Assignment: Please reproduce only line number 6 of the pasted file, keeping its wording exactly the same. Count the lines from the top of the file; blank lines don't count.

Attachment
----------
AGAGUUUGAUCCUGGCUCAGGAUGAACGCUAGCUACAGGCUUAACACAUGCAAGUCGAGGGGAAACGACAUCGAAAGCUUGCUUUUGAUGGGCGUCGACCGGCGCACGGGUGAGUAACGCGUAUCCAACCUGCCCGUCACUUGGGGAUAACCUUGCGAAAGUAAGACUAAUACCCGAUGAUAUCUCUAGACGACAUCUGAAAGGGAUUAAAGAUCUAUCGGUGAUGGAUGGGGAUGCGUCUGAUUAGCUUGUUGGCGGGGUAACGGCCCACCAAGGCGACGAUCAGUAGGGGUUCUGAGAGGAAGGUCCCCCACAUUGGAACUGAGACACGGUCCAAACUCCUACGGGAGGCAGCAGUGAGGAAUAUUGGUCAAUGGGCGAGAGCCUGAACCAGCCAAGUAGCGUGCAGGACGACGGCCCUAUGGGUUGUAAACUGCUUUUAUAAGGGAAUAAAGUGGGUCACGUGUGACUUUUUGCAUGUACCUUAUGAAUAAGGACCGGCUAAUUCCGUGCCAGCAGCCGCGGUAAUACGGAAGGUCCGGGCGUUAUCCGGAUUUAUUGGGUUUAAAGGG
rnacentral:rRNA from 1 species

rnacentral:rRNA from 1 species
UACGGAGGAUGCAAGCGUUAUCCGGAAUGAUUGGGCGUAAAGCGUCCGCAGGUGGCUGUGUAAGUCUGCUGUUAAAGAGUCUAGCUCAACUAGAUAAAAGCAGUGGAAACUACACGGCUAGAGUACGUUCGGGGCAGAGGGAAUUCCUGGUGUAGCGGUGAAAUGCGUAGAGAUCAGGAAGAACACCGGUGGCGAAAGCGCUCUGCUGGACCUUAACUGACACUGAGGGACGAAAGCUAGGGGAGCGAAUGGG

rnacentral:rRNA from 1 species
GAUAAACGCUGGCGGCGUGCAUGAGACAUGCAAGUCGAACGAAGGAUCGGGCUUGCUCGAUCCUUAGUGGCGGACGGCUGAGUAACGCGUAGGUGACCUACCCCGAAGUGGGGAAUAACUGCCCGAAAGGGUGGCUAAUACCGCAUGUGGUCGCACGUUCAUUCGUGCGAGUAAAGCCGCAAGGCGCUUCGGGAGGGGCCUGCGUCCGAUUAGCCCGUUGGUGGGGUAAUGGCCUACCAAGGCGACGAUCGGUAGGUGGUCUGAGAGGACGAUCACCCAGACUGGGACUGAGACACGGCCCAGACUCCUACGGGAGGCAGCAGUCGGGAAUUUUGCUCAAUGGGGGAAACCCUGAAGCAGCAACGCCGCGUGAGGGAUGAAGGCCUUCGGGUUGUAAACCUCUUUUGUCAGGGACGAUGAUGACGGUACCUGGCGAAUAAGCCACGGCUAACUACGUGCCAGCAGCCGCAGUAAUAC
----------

GAUAAACGCUGGCGGCGUGCAUGAGACAUGCAAGUCGAACGAAGGAUCGGGCUUGCUCGAUCCUUAGUGGCGGACGGCUGAGUAACGCGUAGGUGACCUACCCCGAAGUGGGGAAUAACUGCCCGAAAGGGUGGCUAAUACCGCAUGUGGUCGCACGUUCAUUCGUGCGAGUAAAGCCGCAAGGCGCUUCGGGAGGGGCCUGCGUCCGAUUAGCCCGUUGGUGGGGUAAUGGCCUACCAAGGCGACGAUCGGUAGGUGGUCUGAGAGGACGAUCACCCAGACUGGGACUGAGACACGGCCCAGACUCCUACGGGAGGCAGCAGUCGGGAAUUUUGCUCAAUGGGGGAAACCCUGAAGCAGCAACGCCGCGUGAGGGAUGAAGGCCUUCGGGUUGUAAACCUCUUUUGUCAGGGACGAUGAUGACGGUACCUGGCGAAUAAGCCACGGCUAACUACGUGCCAGCAGCCGCAGUAAUAC